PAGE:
A problem with this familiar mode of describing movement is that it leaves out her face. It is in part the face that activates these moments of movement into flying lines of life and keeps the movement from becoming pure abstraction. Each of her movements comes from an image or moment of her history—from a past piece, past training, a relative's gesture, a photograph. Each of these moments of movement have the fullness of character and narrative – figuration – but without the story, emotional arc, or formal development that would lend them familiar shape. Constructed into a series of movements, they form a machine, a physical means of thinking through the past. But they occur in the performer's conscious sense of present-tense existence – being with us now in this specific room. The cascading fragments of images in this collection of movements set two temporalities against each other: her personal past and our shared present. In the spaces between each movement – in the moments before and after – the face adds a third term to the equation: an individual life being lived as we watch, and this concatenation suggests entirely other forms of knowledge – neither entirely abstract nor entirely concrete.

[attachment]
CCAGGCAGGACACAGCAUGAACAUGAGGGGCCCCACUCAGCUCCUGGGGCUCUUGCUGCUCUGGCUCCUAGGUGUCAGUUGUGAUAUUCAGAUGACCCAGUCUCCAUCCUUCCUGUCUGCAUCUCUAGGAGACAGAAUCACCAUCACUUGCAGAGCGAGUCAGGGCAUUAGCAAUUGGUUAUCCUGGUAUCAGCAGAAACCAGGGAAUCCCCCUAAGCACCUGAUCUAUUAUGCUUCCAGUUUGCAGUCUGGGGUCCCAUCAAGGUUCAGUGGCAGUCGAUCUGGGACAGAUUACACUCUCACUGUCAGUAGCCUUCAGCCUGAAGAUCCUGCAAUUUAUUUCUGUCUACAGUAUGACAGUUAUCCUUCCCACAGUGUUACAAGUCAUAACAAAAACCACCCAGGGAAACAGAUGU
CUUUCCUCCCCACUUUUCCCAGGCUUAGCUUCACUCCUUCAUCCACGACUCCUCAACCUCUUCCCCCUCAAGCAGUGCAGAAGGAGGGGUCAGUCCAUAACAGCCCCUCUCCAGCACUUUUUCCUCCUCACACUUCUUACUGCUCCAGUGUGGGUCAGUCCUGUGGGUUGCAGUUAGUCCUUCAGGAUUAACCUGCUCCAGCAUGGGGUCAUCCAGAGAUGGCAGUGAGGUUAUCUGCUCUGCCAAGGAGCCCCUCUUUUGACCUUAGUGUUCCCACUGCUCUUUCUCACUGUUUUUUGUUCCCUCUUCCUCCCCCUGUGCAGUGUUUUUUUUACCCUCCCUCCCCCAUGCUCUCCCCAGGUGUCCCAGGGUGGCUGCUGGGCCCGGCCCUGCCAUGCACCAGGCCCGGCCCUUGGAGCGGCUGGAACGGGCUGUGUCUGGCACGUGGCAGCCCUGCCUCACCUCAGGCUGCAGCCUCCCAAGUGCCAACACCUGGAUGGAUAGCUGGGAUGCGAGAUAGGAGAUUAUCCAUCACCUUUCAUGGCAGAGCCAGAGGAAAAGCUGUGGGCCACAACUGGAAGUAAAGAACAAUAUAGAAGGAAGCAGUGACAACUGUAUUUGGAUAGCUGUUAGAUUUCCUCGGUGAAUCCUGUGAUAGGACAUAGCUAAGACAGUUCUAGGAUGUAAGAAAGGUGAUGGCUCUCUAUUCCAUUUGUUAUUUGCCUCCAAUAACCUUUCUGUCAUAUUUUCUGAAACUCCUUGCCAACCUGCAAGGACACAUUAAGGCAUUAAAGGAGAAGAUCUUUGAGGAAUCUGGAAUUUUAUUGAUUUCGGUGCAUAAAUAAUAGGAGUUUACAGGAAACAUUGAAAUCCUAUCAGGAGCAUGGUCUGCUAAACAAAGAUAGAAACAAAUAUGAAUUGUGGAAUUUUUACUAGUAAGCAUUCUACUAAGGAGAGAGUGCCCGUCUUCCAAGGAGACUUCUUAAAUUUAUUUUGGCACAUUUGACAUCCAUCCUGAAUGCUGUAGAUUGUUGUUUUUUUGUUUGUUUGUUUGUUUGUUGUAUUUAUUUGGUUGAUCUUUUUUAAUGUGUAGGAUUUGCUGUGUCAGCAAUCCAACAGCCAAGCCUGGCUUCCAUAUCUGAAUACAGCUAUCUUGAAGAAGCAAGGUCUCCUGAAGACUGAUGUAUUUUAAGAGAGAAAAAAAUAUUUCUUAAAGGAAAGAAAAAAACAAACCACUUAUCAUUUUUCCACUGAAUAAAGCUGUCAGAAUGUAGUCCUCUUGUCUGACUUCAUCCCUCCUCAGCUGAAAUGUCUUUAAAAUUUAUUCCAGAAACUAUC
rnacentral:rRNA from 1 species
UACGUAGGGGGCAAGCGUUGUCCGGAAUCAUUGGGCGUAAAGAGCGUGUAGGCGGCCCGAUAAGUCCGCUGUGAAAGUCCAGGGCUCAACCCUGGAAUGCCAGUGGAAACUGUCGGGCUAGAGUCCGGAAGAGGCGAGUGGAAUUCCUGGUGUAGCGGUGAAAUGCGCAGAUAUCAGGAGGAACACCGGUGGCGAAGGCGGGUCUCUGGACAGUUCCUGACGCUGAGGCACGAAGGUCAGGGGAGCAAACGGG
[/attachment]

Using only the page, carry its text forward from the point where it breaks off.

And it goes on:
She calls this dance, so I call this dance. But there is something going on here that escapes the confines of language and discipline. I could call it by a different name, but names are beside the point here. The work flutters like a fevered mind between accepted conventions of disciplines and forms until the excited blur of its identity becomes its own reward.
Given the complexity of this solo performance, it would be sufficient grist for my little mental mill to grind away at it for some time. And in December's Who Made These Video Tapes? the solo stood on its own next to the sparkling and pointed piece, 5 Dancers and A DJ. But this August, Ms Van Wieren further intensified the experience by teaching the solo performance to three very different dancers with whom she had never worked: Sally Rousse, Kristin Van Loon, and Joanna Furnans. In its varied iterations, the solo work developed almost into a fugue as each of these performers rode the same choreographic mechanisms of open structure, controlled form, and individual idiosyncratic movement.